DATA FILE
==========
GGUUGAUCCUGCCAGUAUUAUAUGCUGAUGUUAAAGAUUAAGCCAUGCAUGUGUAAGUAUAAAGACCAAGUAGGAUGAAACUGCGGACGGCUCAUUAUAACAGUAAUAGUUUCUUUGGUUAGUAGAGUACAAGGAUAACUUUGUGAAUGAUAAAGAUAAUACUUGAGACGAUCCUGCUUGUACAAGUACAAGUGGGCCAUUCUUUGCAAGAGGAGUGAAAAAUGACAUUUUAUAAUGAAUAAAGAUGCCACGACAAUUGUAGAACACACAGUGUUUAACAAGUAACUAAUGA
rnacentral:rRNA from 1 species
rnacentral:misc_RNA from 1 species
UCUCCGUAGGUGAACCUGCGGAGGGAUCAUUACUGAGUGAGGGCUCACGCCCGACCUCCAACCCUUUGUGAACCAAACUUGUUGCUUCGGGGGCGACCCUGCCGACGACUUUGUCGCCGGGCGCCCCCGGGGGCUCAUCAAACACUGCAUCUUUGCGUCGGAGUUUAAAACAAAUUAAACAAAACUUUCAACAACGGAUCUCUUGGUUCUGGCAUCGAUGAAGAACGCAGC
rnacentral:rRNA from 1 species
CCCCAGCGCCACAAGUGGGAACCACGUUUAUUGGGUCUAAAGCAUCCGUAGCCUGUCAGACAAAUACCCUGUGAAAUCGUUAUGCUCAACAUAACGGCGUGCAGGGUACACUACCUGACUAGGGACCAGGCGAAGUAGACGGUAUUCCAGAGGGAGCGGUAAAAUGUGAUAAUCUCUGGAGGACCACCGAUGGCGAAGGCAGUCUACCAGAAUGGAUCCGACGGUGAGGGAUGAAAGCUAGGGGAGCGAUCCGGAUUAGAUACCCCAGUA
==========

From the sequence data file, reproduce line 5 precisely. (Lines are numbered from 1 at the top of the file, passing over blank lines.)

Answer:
rnacentral:rRNA from 1 species